Two nights ago I had the great priviledge of being invited to speak to a bunch of small business owners in Sydney about building a better social media presence for their businesses. Rather than being all theory, we dissected the better things each of them could do on their pages and profiles to encourage people to connect – after all, it’s called social media for a reason and social = building a connection.
But this post isn’t about social media per se. Rather last night got me thinking about what constitutes a good presentation. One that people engage in as opposed to sitting there bored to tears (we’ve all been there!). So here are some of the rules that I play by when doing a preso whether that’s to a single business prospect, in a formal business pitch or to a room full of people.
7 tips for winning pitches & presentations
- Understand what your audience is expecting. Are they expecting information, how-tos, pricing, practice? Deliver that and add some value just for good measure.
- Make it all about them. Even if it’s a pitch, it’s still all about them. That means starting with their problem (or if you don’t know their exact problem, start with common problems). From there you can talk about how you’d go about fixing it if you were them. Talk about research, your own or industry research – that’s how you prove your smarts. If you start with you, what you do, how long you’ve been doing it, some case studies, how smart you are, etc – you’ve pretty well bored them right up front (and you’ve got fidget central).
- Ask them questions. And be quiet. Let them know that this is a conversation, not a speech and you expect them to come along for the ride and participate.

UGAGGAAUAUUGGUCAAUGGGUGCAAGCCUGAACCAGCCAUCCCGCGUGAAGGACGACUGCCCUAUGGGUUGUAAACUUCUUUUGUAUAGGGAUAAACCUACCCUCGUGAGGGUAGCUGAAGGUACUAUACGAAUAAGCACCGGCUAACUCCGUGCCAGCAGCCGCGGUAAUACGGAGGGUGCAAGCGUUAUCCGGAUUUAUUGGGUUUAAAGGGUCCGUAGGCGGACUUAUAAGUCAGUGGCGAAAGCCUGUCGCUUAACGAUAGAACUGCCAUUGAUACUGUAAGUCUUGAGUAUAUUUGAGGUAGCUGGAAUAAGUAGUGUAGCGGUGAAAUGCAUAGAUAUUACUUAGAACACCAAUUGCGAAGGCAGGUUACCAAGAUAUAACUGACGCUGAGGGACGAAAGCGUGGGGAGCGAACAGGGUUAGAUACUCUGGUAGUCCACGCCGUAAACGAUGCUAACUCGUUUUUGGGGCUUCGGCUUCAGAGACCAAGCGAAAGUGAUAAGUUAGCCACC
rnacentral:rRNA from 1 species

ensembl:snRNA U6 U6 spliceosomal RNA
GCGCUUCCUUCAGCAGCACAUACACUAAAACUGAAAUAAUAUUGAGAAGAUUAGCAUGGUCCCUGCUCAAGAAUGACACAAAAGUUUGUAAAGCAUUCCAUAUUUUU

- Use the names of those in the room. If you’ve got lots of people in the room for an event, talk to a few people beforehand, remember a handful of names and talk to those people and about their industries).
- Ignore powerpoint if you can. And if you must use it,
- Please DON’T READ off the screen. People in your audience can do that for themselves (and they’re done before you’re even half way through – more fidgeting).
- If you’re using powerpoint or keynote or whatever technology – have pictures up and talk to those. Pictures say 1000 words
- Don’t be tempted to put up more than 6 lines of text And shrinking your text to less than a font size of 28 to squish it all in isn’t on either. 4-6 words a line is ample
- If you must use words, use them as punctuation
- Be on! No-one cares what happened earlier in your day or how bad traffic was. You’re there to entertain them (even if it’s a serious pitch). Muster all the energy that you have and take them on the journey with you.
- Have some kind of call to action at the end (yes, it’s almost always a sales call of some description), so encourage them to ‘do’ something as a result of your time together.
And above all, have fun. People engage more with the people they can see are enjoying themselves and are clearly engaged by what they’re doing.
Kristin is a marketing & communication strategist and trainer who’s been doing the marketing ‘do’ for almost 20 years. She can be found hanging out in social media land – for her clients’ benefit of course. You can follow her @glitteratichic or click on the LinkedIn icon on the right handside to connect there.